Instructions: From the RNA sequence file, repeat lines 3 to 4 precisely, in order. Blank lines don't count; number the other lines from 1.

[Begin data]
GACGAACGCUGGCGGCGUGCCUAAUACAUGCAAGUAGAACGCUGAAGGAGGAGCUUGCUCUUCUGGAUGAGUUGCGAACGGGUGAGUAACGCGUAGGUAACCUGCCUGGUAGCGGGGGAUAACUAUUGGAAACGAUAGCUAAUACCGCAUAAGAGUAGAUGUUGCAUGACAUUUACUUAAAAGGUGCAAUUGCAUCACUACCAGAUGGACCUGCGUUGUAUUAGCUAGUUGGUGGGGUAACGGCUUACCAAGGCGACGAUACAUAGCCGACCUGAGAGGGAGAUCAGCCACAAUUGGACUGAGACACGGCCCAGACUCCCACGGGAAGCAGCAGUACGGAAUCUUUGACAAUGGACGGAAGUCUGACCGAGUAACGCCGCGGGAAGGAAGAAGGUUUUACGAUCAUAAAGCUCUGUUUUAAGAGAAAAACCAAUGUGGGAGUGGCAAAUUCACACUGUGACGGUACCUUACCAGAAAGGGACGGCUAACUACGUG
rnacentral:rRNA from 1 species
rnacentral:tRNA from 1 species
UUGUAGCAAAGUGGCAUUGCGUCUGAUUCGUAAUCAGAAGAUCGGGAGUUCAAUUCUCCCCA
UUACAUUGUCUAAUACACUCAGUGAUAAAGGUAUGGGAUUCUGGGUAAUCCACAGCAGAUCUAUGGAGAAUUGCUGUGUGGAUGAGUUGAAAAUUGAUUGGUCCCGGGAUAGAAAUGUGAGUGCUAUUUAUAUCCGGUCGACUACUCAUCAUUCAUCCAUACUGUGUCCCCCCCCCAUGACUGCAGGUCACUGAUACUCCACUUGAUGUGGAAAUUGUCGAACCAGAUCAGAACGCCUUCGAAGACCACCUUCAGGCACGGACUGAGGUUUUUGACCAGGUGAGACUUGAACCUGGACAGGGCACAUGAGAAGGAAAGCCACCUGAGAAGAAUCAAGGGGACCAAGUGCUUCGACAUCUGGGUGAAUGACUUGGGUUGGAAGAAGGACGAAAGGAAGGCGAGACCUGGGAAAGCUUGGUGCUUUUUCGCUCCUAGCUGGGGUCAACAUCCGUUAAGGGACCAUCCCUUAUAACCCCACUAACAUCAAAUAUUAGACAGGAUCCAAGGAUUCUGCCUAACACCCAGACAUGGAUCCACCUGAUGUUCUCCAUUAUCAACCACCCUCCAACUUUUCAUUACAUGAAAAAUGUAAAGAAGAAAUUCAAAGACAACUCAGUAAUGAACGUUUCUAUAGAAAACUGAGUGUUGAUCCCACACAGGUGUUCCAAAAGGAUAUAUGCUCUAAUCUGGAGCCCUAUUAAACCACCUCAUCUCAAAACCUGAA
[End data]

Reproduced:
rnacentral:tRNA from 1 species
UUGUAGCAAAGUGGCAUUGCGUCUGAUUCGUAAUCAGAAGAUCGGGAGUUCAAUUCUCCCCA